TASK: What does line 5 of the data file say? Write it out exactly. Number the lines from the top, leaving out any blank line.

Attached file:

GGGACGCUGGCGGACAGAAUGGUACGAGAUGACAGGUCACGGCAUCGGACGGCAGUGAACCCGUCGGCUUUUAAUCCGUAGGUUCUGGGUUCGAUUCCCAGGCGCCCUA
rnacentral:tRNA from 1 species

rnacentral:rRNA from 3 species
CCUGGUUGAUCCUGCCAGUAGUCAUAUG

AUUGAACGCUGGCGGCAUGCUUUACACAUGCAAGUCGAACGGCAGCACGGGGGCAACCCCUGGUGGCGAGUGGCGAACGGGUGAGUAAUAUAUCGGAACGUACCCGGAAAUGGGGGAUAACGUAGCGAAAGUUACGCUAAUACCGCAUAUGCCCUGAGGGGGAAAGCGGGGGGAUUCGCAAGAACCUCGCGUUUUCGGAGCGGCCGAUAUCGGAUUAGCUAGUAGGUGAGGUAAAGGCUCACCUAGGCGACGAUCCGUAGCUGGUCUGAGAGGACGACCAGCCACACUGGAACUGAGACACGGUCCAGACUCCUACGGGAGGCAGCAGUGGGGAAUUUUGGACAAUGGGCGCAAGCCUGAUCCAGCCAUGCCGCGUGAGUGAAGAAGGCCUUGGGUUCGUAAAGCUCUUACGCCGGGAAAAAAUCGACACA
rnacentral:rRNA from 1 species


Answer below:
AUUGAACGCUGGCGGCAUGCUUUACACAUGCAAGUCGAACGGCAGCACGGGGGCAACCCCUGGUGGCGAGUGGCGAACGGGUGAGUAAUAUAUCGGAACGUACCCGGAAAUGGGGGAUAACGUAGCGAAAGUUACGCUAAUACCGCAUAUGCCCUGAGGGGGAAAGCGGGGGGAUUCGCAAGAACCUCGCGUUUUCGGAGCGGCCGAUAUCGGAUUAGCUAGUAGGUGAGGUAAAGGCUCACCUAGGCGACGAUCCGUAGCUGGUCUGAGAGGACGACCAGCCACACUGGAACUGAGACACGGUCCAGACUCCUACGGGAGGCAGCAGUGGGGAAUUUUGGACAAUGGGCGCAAGCCUGAUCCAGCCAUGCCGCGUGAGUGAAGAAGGCCUUGGGUUCGUAAAGCUCUUACGCCGGGAAAAAAUCGACACA